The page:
So, what is that keeps them away from OV? They perceive it as "difficult". After my speech, I had many persons telling me:
"I have the technology but I don't know how to speak to virtual volunteers"
. And you know what? They are right, because, in those guides, NOBODY addressed, EVER, how to interact with volunteers through computer-mediated communication, aside from a long list of "donts".

Some suggestions are - I beg you pardon - laughable, like "Discourage volunteers from disclosing their home address or phone number to others.". The ones of you that are in any profession do know the value of networking. The ones of you that do not have a consulting business, still wouldn't take seriously any persons/workers/colleagues refusing to share their name, address and phone number and hiding through a NICKNAME. Would you go to your butcher if s/he called him/herself "shiningknife" rather than, say, Charles and refused to give you his/her address and phone number? N-O-P-E.

As much as some persons might be uncomfortable with it, social needs/interactions still are:
(a) one of the ways we learn (see, Bandura, 1997, and Vygotzky, 1987)
(b) one of the reasons we start volunteering (see Omoto & Snyder, 1995)

As for any technology, people adopt it at different rates in different ways. But I don't think that innovation diffusion theory is the whole issue at stake. Like with telephone, some people are afraid of whomever they can't see because, I believe, they can't adapt to subtilties (say, because they tend not to be verbal learners) or belong to cultures where everything has to be clear, explained ad nauseam, and possibly task-oriented (low context cultures, it's a fact that high context populations tend to buy and use telephone more than their low context counterparts, even if phone is a less rich medium than face-to-face communication, and that's precisely because they don't need the repetition of cues that low context folks seem to need).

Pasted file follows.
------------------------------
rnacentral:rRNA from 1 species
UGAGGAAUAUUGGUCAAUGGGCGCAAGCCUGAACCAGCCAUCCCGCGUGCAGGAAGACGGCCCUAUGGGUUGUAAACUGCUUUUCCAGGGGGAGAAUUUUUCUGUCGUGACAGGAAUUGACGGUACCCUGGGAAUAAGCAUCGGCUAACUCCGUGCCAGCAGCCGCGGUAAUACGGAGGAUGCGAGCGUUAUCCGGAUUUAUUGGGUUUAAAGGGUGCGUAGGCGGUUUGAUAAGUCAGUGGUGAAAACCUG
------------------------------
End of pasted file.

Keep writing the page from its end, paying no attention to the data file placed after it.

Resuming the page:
From all these hints, you might understand how online volunteering, as well as online communication, aren't just about "get a power line, get a pc, get it running, get a software, put up a site, match your needs with a volunteer and vaia con Dios" kind of a thing. It's precisely because it is popularized in this way that people stay away from it.

Oh, the last thing. Here you can find some practical suggestions about OV. And yes, in case anybody was wondering, my next publication is about cultural nuances of computer-mediated communication *grin*

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Tuesday, December 06, 2005

The Albert Ellis Affaire

I got prompted by a friend's post to dig more into what happened between Albert Ellis and the Albert Ellis Institute. Of course (and as usual) rather than siding with one of them I managed to get an opinion of my own *grin*

Let's start with the very basic notions, so to set the record straight:
1) A non-profit is a corporation: just like in any other corporation, board members are liable only if they make a mistake out of neglect or "bad intention". If the mistake was made in good faith and it was a honest mistake, board members can not be liable. This concept is known as limited liability and it is the main reason for folks incorporate. Corporation activities are disciplined by their by-laws;
2) A non-profit corporation has benefits in terms of income taxes and permission to fundraise;